Since the fall of the Taliban Saliha represented her province with both Loya Jirgas as a delegate. She is confident that she will achieve a seat in parliament. All parties consider her to have good chances. Nimruz will send one female and one male delegate into parliament. Due to the fact that there are only four female candidates, the women have a proportionally bigger chance than the men. Only at the ‘Graduation Party’ of the High school graduates do I realize that Saliha is something of a star. Everyone wants to shake her hand or get their photo taken with her. In this kind of environment she is sure to receive the popular vote...

During the days of my arrival the summer holidays begin, they will last for three months. In the upcoming months the heat is projected to rise by a considerable amount and the Helmand River, which forms the border to Iran, will dry out completely. In light of this we decide to buy air-conditioning for the big classroom and ventilators for the computer-room and the bureau. This should ensure that work can be done by our centre during the very hot summer months. In comparison to many other provinces the supply of electricity in Zaranj is very good. The electricity comes from the neighbouring Iran. However, this also increases the dependency on Iran, to the annoyance of many here. I hear that sometimes, Iran simply cuts the electricity supply to Zaranj. Sometimes there will not be any electricity for days. Nobody can answer my question as to why this happens. There are no reasons I hear, it is purely arbitrary.

I am driving to the Iranian border. Although the Helmand River today is not at its greatest height it is still impressive, in the middle of the desert, so much water! The Afghan riverbanks contain numerous sand-dunes, while in stark contrast, the Iranian side appears in all shades of green. I ask how this came about.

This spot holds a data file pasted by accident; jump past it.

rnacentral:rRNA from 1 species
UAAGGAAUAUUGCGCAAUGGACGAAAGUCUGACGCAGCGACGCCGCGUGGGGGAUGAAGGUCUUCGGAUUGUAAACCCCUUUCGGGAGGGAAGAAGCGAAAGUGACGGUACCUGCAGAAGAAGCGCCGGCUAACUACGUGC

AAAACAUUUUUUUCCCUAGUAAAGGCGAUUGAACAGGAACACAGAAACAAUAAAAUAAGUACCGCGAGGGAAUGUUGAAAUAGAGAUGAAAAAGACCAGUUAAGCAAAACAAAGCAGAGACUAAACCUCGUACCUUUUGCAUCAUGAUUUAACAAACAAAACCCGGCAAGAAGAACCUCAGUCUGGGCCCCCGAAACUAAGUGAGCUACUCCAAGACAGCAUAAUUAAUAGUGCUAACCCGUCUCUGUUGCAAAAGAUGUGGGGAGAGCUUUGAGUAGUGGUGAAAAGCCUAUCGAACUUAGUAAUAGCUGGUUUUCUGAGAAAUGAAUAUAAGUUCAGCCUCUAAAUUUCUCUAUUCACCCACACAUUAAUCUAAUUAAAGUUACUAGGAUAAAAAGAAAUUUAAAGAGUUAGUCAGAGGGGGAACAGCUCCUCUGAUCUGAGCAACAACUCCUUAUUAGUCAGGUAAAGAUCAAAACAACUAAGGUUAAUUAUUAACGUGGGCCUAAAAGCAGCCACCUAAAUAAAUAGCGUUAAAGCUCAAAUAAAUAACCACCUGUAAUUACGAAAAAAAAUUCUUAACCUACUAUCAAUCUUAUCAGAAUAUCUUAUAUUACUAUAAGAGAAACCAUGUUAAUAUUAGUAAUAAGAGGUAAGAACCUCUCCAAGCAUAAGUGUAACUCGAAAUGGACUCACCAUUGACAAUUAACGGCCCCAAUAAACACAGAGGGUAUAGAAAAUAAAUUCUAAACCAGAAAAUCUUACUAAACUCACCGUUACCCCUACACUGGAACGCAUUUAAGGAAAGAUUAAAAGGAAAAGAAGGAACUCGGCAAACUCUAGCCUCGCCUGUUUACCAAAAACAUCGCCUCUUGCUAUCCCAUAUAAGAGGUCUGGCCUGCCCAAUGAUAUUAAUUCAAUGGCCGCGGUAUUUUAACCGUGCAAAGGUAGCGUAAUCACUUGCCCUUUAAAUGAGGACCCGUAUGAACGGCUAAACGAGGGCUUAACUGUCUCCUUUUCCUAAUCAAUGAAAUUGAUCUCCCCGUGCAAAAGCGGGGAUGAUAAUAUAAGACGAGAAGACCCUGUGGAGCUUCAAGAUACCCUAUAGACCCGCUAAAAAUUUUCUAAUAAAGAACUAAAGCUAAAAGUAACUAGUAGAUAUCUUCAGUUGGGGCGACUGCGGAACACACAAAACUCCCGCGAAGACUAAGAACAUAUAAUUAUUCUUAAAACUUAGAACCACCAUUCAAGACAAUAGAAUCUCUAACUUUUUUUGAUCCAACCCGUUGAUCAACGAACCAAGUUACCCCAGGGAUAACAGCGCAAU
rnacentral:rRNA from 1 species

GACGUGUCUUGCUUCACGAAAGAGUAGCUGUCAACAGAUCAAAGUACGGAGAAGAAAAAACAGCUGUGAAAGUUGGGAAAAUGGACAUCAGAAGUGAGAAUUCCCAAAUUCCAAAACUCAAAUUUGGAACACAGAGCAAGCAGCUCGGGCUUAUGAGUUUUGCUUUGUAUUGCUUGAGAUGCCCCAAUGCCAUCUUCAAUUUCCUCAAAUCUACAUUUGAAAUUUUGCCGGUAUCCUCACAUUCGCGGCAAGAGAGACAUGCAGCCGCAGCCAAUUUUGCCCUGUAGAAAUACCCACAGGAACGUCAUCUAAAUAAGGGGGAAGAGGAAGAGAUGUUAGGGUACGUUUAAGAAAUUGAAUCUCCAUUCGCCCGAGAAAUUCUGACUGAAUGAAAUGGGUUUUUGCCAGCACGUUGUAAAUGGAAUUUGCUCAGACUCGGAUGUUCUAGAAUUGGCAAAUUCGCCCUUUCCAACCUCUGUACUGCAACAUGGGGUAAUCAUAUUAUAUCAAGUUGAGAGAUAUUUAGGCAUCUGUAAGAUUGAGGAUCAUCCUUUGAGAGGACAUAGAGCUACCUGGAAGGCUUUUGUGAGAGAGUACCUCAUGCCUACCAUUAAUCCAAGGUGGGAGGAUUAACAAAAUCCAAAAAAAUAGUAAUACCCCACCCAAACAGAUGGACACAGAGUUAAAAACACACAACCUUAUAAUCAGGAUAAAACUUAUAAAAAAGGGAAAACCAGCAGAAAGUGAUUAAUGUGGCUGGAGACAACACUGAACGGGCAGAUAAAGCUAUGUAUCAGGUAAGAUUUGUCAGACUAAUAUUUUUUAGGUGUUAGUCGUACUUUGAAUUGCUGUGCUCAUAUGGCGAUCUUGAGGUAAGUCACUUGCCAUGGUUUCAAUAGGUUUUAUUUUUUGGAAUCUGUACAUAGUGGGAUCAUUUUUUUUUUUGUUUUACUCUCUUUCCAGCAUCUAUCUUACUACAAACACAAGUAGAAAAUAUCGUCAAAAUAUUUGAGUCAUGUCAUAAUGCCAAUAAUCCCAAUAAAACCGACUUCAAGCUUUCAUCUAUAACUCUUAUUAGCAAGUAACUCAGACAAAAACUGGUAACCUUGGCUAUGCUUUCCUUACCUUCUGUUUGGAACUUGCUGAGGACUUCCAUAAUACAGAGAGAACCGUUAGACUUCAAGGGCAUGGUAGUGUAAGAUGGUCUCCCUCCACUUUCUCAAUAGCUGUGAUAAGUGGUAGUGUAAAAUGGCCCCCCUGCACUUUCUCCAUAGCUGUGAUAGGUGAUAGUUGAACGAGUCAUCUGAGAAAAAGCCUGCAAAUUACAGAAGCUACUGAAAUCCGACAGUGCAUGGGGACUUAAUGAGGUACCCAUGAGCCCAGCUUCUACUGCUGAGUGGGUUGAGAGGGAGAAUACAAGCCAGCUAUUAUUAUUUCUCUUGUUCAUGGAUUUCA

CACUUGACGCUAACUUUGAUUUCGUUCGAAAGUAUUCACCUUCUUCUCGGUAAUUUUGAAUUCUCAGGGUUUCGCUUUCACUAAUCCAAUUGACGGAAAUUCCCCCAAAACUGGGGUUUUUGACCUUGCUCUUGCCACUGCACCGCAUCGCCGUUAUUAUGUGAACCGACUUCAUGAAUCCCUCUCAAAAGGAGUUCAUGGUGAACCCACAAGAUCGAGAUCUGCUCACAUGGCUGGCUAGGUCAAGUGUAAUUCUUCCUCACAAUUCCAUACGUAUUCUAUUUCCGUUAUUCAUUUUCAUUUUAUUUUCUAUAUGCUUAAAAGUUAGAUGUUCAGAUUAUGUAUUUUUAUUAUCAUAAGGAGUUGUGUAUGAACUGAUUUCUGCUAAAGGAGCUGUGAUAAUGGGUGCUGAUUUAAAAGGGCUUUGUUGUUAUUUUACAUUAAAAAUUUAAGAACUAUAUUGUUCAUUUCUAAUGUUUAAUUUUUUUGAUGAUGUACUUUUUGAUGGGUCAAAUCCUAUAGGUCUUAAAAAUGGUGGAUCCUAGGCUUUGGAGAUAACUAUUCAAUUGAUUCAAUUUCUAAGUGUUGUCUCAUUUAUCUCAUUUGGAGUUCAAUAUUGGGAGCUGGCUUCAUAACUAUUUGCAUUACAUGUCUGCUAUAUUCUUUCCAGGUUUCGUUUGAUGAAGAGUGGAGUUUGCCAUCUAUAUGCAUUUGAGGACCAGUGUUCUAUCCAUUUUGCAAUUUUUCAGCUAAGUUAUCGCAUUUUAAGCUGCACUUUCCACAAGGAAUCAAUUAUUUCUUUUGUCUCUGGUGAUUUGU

Maryam, a 19 year old participant of our English and Computer course, represents the young female potential. Her answer is critical: “I am sceptical towards any change and so called help from which comes from abroad. There should not be any interference from outside, like from Pakistan, when they sent the Taliban or the USA, who send their soldiers. For example, we have a river in Nimruz however, the water goes to Iran, we may receive one or two drops. This is why our farmers cannot cultivate crops. And instead of doing something about their situation they wait for help from abroad.” I ask Maryam how Afghanistan could change this situation, how they should face their powerful neighbour, Iran. As though completely self-evident she explains. “The government could do something. There was a contract between Daud Shab, the former King of Afghanistan and the Iran. When the king died this contract lost its validity. They should give us out land and they should not interfere. The take all our water and much more, just like that, for free, and we don’t have any drinking water, no green trees, nothing. If the people would get together, they could possibly start new negotiations. But the people don’t want to do anything and the government also doesn’t want to work for their country.”

Nimruz is one of the most progressive and modern provinces in Afghanistan, I learn. I would like to believe this and the many educated young women who come to our center support this fact. Most of them lived in Pakistan or Iran just a few years ago. They are happy to be back in their country, they tell me. Especially the women returning from Iran can gain something from the desert city in the middle of nowhere. The statement “In Iran we could not do anything” irritated me. Isn’t the Iran a developed country, equipped with modern comforts? Instead Zaranj appears to me like the end of the world. In Zaranj there are no telephones, no internet and television only via satellite.